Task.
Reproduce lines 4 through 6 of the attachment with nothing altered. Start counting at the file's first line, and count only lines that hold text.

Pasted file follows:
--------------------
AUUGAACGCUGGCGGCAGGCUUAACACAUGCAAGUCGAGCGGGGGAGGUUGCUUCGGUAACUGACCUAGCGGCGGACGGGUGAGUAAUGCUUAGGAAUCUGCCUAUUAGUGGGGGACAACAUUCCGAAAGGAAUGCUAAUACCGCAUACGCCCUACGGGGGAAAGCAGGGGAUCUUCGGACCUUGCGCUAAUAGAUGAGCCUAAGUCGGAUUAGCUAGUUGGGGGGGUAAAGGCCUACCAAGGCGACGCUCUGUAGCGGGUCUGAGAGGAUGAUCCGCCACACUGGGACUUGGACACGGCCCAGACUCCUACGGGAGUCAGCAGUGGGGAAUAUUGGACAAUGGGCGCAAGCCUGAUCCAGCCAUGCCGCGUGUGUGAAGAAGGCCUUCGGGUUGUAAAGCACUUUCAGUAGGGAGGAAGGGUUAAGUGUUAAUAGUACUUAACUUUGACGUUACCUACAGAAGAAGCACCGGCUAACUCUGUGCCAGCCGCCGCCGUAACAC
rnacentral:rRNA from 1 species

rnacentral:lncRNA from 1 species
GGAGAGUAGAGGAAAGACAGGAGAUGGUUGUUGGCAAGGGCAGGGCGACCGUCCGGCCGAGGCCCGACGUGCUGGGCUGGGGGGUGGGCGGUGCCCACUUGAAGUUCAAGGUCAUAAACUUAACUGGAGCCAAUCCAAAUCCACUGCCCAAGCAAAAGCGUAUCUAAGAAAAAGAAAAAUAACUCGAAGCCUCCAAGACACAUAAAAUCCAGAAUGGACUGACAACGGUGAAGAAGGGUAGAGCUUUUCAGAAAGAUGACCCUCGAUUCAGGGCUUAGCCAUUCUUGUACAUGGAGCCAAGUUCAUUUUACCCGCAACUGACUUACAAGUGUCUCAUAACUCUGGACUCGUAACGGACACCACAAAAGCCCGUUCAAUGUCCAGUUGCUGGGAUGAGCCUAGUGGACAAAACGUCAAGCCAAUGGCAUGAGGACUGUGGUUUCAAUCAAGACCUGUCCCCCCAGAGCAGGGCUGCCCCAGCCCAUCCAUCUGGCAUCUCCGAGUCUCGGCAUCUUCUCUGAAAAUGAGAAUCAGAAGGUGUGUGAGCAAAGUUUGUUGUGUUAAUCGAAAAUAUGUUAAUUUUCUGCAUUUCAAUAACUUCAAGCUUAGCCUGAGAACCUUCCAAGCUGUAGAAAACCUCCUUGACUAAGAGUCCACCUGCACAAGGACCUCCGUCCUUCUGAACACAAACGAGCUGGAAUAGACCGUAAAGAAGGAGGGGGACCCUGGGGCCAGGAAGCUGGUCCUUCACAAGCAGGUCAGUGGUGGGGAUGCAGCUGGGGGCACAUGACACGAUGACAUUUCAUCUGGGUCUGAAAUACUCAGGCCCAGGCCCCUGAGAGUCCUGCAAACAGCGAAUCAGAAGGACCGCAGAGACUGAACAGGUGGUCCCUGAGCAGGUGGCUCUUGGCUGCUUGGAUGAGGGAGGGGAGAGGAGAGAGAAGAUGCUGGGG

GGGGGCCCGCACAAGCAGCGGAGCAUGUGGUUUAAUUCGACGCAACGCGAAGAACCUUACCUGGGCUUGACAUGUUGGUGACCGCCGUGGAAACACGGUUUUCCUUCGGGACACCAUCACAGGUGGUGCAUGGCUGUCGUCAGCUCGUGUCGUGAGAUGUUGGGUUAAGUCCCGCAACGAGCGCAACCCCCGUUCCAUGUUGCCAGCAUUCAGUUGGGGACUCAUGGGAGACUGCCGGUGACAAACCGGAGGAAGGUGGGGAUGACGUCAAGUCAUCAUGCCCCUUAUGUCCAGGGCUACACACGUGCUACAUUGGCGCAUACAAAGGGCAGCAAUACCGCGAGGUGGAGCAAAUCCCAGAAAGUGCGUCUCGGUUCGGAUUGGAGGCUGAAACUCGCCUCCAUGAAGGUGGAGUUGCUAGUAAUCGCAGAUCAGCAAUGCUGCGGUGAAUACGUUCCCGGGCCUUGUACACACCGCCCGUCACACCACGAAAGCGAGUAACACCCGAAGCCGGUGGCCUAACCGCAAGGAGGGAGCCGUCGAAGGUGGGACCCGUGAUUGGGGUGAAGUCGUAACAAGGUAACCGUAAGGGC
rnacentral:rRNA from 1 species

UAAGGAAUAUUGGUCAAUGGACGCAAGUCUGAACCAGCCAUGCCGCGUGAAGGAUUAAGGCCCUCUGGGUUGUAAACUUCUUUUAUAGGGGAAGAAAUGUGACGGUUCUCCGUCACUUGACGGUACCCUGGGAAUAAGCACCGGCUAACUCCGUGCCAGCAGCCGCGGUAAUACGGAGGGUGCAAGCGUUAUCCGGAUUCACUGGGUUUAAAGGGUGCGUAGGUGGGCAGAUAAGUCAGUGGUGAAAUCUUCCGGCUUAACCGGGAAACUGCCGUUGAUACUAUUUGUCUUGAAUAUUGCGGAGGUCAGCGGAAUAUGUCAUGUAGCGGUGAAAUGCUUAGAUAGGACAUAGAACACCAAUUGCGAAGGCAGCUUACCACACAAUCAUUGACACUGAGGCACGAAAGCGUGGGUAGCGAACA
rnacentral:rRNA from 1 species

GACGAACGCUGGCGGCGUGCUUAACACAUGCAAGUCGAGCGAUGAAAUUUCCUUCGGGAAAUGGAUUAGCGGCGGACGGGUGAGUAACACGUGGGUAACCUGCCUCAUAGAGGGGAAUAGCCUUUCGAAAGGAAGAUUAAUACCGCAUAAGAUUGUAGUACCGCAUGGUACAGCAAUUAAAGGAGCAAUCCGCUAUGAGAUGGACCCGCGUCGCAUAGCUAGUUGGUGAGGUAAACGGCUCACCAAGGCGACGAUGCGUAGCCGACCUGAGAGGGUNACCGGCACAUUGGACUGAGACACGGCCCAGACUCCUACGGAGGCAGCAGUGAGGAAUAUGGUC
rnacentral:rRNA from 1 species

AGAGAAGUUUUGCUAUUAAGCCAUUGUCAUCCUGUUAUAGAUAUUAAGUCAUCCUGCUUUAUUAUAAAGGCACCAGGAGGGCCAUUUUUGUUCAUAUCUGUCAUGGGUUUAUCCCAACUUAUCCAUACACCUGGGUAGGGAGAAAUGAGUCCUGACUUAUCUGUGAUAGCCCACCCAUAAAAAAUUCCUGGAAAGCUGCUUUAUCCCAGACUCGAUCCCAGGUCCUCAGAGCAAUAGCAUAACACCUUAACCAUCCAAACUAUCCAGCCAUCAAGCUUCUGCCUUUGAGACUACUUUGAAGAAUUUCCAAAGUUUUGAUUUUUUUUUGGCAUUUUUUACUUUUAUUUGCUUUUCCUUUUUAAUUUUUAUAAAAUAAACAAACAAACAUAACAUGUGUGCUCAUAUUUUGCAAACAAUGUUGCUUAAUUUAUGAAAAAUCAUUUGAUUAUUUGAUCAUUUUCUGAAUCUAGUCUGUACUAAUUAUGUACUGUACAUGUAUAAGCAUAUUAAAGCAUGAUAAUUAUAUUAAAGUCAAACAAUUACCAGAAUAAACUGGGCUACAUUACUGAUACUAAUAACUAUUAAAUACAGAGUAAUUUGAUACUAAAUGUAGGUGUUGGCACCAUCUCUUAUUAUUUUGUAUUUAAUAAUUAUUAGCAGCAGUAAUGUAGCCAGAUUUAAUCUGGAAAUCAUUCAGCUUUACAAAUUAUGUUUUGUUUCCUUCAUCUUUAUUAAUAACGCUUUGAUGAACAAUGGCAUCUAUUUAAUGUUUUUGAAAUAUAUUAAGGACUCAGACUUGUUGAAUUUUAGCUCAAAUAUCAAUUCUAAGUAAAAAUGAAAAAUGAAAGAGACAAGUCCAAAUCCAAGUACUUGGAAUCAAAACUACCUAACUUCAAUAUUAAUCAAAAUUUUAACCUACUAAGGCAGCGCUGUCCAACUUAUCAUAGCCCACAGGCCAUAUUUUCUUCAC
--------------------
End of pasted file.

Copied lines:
GGAGAGUAGAGGAAAGACAGGAGAUGGUUGUUGGCAAGGGCAGGGCGACCGUCCGGCCGAGGCCCGACGUGCUGGGCUGGGGGGUGGGCGGUGCCCACUUGAAGUUCAAGGUCAUAAACUUAACUGGAGCCAAUCCAAAUCCACUGCCCAAGCAAAAGCGUAUCUAAGAAAAAGAAAAAUAACUCGAAGCCUCCAAGACACAUAAAAUCCAGAAUGGACUGACAACGGUGAAGAAGGGUAGAGCUUUUCAGAAAGAUGACCCUCGAUUCAGGGCUUAGCCAUUCUUGUACAUGGAGCCAAGUUCAUUUUACCCGCAACUGACUUACAAGUGUCUCAUAACUCUGGACUCGUAACGGACACCACAAAAGCCCGUUCAAUGUCCAGUUGCUGGGAUGAGCCUAGUGGACAAAACGUCAAGCCAAUGGCAUGAGGACUGUGGUUUCAAUCAAGACCUGUCCCCCCAGAGCAGGGCUGCCCCAGCCCAUCCAUCUGGCAUCUCCGAGUCUCGGCAUCUUCUCUGAAAAUGAGAAUCAGAAGGUGUGUGAGCAAAGUUUGUUGUGUUAAUCGAAAAUAUGUUAAUUUUCUGCAUUUCAAUAACUUCAAGCUUAGCCUGAGAACCUUCCAAGCUGUAGAAAACCUCCUUGACUAAGAGUCCACCUGCACAAGGACCUCCGUCCUUCUGAACACAAACGAGCUGGAAUAGACCGUAAAGAAGGAGGGGGACCCUGGGGCCAGGAAGCUGGUCCUUCACAAGCAGGUCAGUGGUGGGGAUGCAGCUGGGGGCACAUGACACGAUGACAUUUCAUCUGGGUCUGAAAUACUCAGGCCCAGGCCCCUGAGAGUCCUGCAAACAGCGAAUCAGAAGGACCGCAGAGACUGAACAGGUGGUCCCUGAGCAGGUGGCUCUUGGCUGCUUGGAUGAGGGAGGGGAGAGGAGAGAGAAGAUGCUGGGG

GGGGGCCCGCACAAGCAGCGGAGCAUGUGGUUUAAUUCGACGCAACGCGAAGAACCUUACCUGGGCUUGACAUGUUGGUGACCGCCGUGGAAACACGGUUUUCCUUCGGGACACCAUCACAGGUGGUGCAUGGCUGUCGUCAGCUCGUGUCGUGAGAUGUUGGGUUAAGUCCCGCAACGAGCGCAACCCCCGUUCCAUGUUGCCAGCAUUCAGUUGGGGACUCAUGGGAGACUGCCGGUGACAAACCGGAGGAAGGUGGGGAUGACGUCAAGUCAUCAUGCCCCUUAUGUCCAGGGCUACACACGUGCUACAUUGGCGCAUACAAAGGGCAGCAAUACCGCGAGGUGGAGCAAAUCCCAGAAAGUGCGUCUCGGUUCGGAUUGGAGGCUGAAACUCGCCUCCAUGAAGGUGGAGUUGCUAGUAAUCGCAGAUCAGCAAUGCUGCGGUGAAUACGUUCCCGGGCCUUGUACACACCGCCCGUCACACCACGAAAGCGAGUAACACCCGAAGCCGGUGGCCUAACCGCAAGGAGGGAGCCGUCGAAGGUGGGACCCGUGAUUGGGGUGAAGUCGUAACAAGGUAACCGUAAGGGC
rnacentral:rRNA from 1 species